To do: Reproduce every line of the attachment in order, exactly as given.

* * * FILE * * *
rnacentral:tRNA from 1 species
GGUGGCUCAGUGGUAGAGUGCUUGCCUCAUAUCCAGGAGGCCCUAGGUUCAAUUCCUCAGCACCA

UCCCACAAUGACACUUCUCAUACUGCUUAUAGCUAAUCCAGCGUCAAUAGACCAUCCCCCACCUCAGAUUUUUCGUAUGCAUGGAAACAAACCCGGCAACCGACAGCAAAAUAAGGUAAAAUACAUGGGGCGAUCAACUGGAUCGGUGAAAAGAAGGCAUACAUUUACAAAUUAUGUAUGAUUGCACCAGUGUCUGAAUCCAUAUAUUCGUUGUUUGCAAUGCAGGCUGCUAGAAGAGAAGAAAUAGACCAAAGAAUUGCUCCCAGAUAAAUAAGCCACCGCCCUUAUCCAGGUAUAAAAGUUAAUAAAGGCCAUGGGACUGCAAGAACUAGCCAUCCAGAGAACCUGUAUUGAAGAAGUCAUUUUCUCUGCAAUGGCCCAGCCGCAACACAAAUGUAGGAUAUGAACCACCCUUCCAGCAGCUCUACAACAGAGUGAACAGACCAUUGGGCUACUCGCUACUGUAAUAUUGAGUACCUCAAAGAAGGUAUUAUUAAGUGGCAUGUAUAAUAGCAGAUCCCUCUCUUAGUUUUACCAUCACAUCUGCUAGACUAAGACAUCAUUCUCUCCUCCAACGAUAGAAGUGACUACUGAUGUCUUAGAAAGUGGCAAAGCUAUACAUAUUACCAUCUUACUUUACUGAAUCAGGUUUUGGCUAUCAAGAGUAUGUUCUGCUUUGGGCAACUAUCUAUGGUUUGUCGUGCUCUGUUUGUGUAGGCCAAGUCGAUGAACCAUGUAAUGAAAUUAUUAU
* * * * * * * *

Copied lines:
rnacentral:tRNA from 1 species
GGUGGCUCAGUGGUAGAGUGCUUGCCUCAUAUCCAGGAGGCCCUAGGUUCAAUUCCUCAGCACCA

UCCCACAAUGACACUUCUCAUACUGCUUAUAGCUAAUCCAGCGUCAAUAGACCAUCCCCCACCUCAGAUUUUUCGUAUGCAUGGAAACAAACCCGGCAACCGACAGCAAAAUAAGGUAAAAUACAUGGGGCGAUCAACUGGAUCGGUGAAAAGAAGGCAUACAUUUACAAAUUAUGUAUGAUUGCACCAGUGUCUGAAUCCAUAUAUUCGUUGUUUGCAAUGCAGGCUGCUAGAAGAGAAGAAAUAGACCAAAGAAUUGCUCCCAGAUAAAUAAGCCACCGCCCUUAUCCAGGUAUAAAAGUUAAUAAAGGCCAUGGGACUGCAAGAACUAGCCAUCCAGAGAACCUGUAUUGAAGAAGUCAUUUUCUCUGCAAUGGCCCAGCCGCAACACAAAUGUAGGAUAUGAACCACCCUUCCAGCAGCUCUACAACAGAGUGAACAGACCAUUGGGCUACUCGCUACUGUAAUAUUGAGUACCUCAAAGAAGGUAUUAUUAAGUGGCAUGUAUAAUAGCAGAUCCCUCUCUUAGUUUUACCAUCACAUCUGCUAGACUAAGACAUCAUUCUCUCCUCCAACGAUAGAAGUGACUACUGAUGUCUUAGAAAGUGGCAAAGCUAUACAUAUUACCAUCUUACUUUACUGAAUCAGGUUUUGGCUAUCAAGAGUAUGUUCUGCUUUGGGCAACUAUCUAUGGUUUGUCGUGCUCUGUUUGUGUAGGCCAAGUCGAUGAACCAUGUAAUGAAAUUAUUAU